more important, for it is he or she who will shape employee experiences and
perceptions.

Unfortunately, as we’ve all learned, even if your strategy is first-class and
you hire and motivate an excellent team that executes on all cylinders, disruptive
change remains a constant threat. Aspects of your company’s fate — particularly
in a deregulated environment — will always be, at least partially, beyond
your immediate control. So, without losing sight of who you are or where you
want to go, you must build as much flexibility as possible into your contingency
plans and always be prepared to shift gears in response to changing circumstances.

New Frustrations

Consider my former colleagues in the airline industry. Today, the major carriers
— each a survivor of the deregulation trauma — are confronted with
a new series of challenges, even more threatening than those of 1978.

The first is what the industry calls the hassle factor, which is the impact
on customer service of the various security steps that have been taken since
the dreadful events of 9/11. While no one disagrees with the need for a high
level of aviation security, the unhappy truth is that much of what has been
done to date has little to do with enhancing security, and lots to do with increasing
both costs and customer annoyance.

While there has been some encouraging talk of late about modifying some of
the more bothersome practices, the reality is that today’s aviation security
system is inappropriately intrusive and inordinately expensive. And it’s likely
to get both more intrusive and more expensive in the months to come. Among other
new challenges are:

• The proliferation of sophisticated online travel agencies that make
it easier for consumers to find the cheapest alternative.

• The rapid emergence of low-fare carriers, whose costs are dramatically
lower than those of the established carriers.

• The decline of business travel, coupled with a new tendency of business
travelers to “buy down.”

The impact of these challenges can be far-reaching. For example, the pattern
of frequent and affordable service across connecting hubs was put in place to
cater to business fliers. After deregulation, the airlines sold the system’s
excess capacity to leisure travelers — using mechanisms such as Saturday
night stays and advance purchase requirements to prevent high-fare travelers
from buying down. For reasons I’ve already noted, this plan isn’t working anymore,
and unless the airlines find a way to cut their costs dramatically, the inevitable
result will be many fewer flights and a much less convenient system.

Industry Response

The major airlines have responded vigorously by grounding hundreds of aircraft,
laying off tens of thousands of workers, and taking on billions of dollars of
debt to cover their losses. The carriers are attacking their costs on every
level. In the months ahead, I think you can expect to see their efforts reflected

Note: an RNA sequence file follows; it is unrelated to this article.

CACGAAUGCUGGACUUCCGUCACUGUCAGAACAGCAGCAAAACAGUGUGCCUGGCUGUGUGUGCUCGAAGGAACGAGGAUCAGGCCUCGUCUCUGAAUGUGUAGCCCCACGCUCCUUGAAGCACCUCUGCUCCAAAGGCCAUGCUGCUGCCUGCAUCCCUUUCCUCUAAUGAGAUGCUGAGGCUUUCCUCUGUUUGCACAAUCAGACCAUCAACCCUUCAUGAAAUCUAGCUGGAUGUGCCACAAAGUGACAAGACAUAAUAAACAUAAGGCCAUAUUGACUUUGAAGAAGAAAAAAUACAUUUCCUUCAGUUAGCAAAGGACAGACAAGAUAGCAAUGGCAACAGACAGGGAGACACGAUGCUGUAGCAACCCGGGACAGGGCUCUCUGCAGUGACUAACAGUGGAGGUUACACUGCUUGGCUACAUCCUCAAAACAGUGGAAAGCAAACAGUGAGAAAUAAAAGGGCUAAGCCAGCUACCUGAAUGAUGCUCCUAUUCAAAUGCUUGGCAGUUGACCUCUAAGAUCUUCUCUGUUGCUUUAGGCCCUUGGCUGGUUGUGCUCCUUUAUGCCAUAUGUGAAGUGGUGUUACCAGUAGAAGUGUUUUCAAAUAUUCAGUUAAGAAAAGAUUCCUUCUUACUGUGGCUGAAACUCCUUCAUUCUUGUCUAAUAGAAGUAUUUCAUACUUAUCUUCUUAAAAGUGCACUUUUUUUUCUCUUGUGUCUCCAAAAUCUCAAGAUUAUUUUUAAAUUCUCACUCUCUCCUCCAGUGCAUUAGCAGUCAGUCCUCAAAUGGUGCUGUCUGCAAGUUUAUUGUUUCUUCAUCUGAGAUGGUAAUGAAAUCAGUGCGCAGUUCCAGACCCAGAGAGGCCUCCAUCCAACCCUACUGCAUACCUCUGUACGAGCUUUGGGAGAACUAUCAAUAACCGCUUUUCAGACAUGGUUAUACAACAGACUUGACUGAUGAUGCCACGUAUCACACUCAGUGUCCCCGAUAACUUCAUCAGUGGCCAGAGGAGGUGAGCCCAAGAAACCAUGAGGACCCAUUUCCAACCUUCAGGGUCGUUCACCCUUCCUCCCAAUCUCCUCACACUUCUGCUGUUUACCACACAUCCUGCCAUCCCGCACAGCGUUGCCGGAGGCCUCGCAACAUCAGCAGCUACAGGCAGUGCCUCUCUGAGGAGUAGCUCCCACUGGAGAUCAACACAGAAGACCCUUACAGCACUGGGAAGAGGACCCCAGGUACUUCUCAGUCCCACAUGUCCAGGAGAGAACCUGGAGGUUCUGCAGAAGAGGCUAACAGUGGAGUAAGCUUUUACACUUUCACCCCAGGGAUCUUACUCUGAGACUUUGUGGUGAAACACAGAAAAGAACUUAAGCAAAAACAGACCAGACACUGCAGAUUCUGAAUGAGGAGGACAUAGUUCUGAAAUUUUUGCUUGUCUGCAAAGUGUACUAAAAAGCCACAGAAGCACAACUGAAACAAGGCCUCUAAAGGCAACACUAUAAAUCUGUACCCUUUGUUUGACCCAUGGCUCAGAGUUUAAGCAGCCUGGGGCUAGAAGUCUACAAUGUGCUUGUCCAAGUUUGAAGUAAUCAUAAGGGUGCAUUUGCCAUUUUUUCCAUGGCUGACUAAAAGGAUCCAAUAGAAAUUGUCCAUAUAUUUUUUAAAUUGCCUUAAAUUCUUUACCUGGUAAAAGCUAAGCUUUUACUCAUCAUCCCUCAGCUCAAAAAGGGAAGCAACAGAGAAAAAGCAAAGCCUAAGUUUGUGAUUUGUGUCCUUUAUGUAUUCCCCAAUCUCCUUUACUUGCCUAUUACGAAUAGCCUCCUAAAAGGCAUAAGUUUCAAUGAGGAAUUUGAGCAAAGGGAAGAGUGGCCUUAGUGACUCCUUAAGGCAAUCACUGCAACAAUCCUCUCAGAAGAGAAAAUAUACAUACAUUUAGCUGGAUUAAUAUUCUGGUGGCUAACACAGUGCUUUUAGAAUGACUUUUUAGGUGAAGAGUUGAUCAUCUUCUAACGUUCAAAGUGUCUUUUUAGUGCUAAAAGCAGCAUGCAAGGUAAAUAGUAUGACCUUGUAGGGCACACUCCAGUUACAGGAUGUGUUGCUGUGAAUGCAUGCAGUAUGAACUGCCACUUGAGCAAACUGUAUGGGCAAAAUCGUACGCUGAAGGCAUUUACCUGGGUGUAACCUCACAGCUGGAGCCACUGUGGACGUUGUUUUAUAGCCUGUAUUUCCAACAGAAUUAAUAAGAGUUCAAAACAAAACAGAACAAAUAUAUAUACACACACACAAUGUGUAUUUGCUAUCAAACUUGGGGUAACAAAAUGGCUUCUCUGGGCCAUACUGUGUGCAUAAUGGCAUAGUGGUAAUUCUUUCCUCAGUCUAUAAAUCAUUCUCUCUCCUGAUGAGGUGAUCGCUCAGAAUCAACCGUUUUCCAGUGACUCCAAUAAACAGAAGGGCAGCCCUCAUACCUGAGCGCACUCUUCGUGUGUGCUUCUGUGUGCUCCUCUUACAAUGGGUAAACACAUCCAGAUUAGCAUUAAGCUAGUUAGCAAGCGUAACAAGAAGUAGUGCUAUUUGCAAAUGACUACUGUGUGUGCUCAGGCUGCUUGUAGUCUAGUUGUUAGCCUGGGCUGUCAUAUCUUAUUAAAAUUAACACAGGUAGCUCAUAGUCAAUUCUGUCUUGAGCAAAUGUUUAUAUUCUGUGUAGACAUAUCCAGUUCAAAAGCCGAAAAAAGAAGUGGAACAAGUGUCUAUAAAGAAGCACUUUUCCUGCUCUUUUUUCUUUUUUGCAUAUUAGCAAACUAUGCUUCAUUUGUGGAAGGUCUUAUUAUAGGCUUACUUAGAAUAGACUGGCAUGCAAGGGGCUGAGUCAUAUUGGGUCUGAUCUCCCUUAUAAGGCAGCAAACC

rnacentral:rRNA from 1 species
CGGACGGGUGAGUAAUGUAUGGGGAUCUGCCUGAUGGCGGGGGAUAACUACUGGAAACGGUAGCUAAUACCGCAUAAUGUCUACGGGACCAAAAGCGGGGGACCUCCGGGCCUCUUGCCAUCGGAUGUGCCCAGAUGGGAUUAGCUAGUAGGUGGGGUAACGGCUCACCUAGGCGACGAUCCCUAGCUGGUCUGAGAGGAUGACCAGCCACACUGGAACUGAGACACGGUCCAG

in fewer flights, less personal service, higher seat density, less food, and
various other changes.

On the other hand, some things will almost certainly remain much the same.
The hub and spoke system will be modified, but won’t disappear, because most
point-to-point markets in this country are simply too small to warrant nonstop
service. As long as the industry remains deregulated, nobody is going to offer
nonstop service between Syracuse and Des Moines. That means anyone who wants
to make that journey will continue to connect over a hub.

In an effort to cut costs, the airlines are restructuring their hubs to maximize
airplane and employee productivity rather than customer convenience. The airlines
are also substituting regional jets for big airplanes in more markets, and are
working hard to increase employee productivity — which will mean lots more
self-service automation at the airports.

My friends in the airline business certainly have their hands full as they
contend with what you might call the second big wave of post-deregulation change.
While some airlines will fail, I think most of the industry will eventually
manage its way through this trauma and return to at least minimal profitability.
We should all hope they do, because the alternative, which would leave the United
States without any viable inter-city transportation system, is simply not acceptable.

Visionaries Needed

Whether any of the big carriers can make it through without going through the
bankruptcy process is an open question. To a large extent, the outcome for each
airline will be determined by the skills and attitudes of its leaders —
with the gold ring going to those best able to formulate, articulate, and merchandise
an accurate vision of the future.

You may take comfort in the fact that you don’t work in the airline industry.
Yet, as deregulation impacts your business more and more, your success will
similarly depend on your ability to anticipate and respond quickly to dramatic
upheaval.

In your business and mine — indeed, in any business — today’s tremendous
pace of change means, among other things, that what got you here won’t keep
you here. In a period of disruptive change — whether it’s driven by deregulation
of some other force — it’s up to every organization’s leadership to determine
which aspects of its plan fit with tomorrow’s reality, and which don’t.